你好(Ní hǎo)! (That means “hello,” if you didn’t already know.) Welcome back to Learning My ABCs!
Okay, so I figured that if I am going to start a column discussing the glories and drawbacks of being Chinese American, I should probably establish some credibility first. In other words, this post is going to be ALL. ABOUT. ME.
Let’s begin with the facts:
1.I was born in Shanghai, China in June 1999.
2.I lived there for the first three years of my life and even attended preschool there!
3. My mother, my grandparents and my uncle raised me in the early years of my life before I immigrated to America and met my dad for the very first time ever in my life.
4. We settled in a small apartment on the fifth floor of a tall building in downtown San Francisco.
5. Me and my mom wandered around, exploring the city everyday for about two years before my mom finally got a permanent job.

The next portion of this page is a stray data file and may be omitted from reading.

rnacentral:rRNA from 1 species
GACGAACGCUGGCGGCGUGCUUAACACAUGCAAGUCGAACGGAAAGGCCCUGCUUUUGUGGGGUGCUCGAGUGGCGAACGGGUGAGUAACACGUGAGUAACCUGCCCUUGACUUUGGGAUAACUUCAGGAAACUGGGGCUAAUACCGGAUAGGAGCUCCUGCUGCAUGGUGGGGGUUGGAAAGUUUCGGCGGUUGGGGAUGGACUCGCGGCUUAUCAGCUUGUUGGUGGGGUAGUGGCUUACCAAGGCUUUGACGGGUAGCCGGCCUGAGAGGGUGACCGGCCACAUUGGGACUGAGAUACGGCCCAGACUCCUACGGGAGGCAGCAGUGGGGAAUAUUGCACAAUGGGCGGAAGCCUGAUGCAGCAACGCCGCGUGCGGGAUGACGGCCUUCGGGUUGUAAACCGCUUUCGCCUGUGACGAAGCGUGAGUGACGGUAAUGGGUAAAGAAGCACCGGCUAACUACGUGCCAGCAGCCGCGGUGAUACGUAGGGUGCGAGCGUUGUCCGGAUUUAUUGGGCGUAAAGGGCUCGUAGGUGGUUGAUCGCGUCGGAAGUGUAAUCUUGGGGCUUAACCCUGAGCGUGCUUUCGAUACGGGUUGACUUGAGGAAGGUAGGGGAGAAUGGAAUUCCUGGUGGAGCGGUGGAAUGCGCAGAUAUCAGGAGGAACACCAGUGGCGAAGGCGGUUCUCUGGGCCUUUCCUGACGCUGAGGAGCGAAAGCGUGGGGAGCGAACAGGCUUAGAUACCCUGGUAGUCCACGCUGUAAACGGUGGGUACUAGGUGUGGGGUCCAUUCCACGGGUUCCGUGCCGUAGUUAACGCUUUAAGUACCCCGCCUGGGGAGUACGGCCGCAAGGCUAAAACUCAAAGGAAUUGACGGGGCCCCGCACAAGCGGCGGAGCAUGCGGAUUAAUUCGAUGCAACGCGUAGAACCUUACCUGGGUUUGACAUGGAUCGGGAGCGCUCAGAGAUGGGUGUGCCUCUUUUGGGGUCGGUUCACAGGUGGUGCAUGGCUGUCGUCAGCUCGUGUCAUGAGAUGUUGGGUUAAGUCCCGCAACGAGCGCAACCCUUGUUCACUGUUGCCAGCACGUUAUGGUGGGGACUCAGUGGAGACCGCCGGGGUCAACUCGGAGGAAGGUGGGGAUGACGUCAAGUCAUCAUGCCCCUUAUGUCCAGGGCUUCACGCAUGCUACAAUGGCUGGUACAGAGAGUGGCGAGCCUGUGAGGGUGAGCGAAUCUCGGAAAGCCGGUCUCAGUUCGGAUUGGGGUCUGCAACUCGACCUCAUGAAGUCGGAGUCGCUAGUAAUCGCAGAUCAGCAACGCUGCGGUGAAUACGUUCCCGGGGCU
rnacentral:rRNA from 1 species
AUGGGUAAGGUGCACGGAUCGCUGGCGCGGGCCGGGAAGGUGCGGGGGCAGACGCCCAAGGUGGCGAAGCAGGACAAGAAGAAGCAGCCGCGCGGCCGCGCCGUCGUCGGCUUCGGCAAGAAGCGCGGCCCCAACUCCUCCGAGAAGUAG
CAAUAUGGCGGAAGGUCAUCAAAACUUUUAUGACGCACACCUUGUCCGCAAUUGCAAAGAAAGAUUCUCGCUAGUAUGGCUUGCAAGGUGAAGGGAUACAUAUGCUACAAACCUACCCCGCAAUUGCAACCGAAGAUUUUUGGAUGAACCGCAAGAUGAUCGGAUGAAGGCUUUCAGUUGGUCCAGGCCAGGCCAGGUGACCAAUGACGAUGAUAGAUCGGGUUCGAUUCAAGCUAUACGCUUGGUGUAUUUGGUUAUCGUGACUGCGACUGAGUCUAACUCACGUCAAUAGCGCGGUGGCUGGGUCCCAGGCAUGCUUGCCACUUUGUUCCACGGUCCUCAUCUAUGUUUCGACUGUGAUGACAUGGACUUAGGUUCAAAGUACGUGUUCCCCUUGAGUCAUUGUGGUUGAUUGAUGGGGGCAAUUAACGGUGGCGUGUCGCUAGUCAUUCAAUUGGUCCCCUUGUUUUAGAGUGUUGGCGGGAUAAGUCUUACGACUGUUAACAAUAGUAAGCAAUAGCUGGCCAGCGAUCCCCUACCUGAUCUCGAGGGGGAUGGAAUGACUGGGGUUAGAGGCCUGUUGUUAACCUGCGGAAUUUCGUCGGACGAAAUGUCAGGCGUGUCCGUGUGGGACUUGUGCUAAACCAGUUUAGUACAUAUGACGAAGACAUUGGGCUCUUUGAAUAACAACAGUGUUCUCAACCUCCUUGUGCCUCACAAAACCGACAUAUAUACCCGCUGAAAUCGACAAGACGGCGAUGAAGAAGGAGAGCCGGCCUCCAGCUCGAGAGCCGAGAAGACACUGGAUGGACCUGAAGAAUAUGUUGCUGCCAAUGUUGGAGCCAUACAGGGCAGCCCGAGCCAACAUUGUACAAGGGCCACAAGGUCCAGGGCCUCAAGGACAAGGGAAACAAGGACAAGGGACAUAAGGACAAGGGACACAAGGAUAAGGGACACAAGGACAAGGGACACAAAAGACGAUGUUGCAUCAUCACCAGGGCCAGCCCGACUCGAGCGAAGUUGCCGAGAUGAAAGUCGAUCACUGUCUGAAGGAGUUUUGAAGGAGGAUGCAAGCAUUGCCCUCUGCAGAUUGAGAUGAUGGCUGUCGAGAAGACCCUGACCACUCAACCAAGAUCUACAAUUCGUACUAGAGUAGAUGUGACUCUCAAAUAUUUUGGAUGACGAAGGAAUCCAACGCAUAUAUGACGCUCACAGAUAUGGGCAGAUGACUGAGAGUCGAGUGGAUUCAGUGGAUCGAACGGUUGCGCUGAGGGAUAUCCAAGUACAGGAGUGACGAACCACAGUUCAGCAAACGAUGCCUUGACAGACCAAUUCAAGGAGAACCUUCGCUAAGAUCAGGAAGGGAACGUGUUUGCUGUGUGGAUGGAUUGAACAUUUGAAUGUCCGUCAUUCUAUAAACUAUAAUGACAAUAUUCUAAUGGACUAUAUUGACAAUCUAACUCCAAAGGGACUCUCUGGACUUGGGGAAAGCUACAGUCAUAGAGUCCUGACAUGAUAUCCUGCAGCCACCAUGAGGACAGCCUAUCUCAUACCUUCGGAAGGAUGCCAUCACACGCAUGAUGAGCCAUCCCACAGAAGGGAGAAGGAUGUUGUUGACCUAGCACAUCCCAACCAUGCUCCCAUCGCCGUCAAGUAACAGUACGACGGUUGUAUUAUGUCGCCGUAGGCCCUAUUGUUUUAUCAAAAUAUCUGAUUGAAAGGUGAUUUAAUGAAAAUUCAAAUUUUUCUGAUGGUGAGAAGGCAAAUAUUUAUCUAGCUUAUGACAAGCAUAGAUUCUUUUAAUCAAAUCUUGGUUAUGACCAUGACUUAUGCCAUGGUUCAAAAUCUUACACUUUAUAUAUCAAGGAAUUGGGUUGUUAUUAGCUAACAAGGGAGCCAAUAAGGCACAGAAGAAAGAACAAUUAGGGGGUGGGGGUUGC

My earliest memory was set while living in my grandparents’ home in Shanghai, China. It was Lunar New Year’s Eve and I was no more than two-years-old.
I can still remember the sky, the twinkling of the stars, the serenity of the moment—with the aroma of the breeze and freshness of the trees, and the ecstatic atmosphere that was bright, buoyant, and buzzing with laughter, hope and explosives. Literally. Yep, that’s right. My first memory is of fireworks: the colors, the patterns, and most distinctly, the gosh-awful gun-like noise that came as a price to such beautiful sparkles in the sky. BOOM!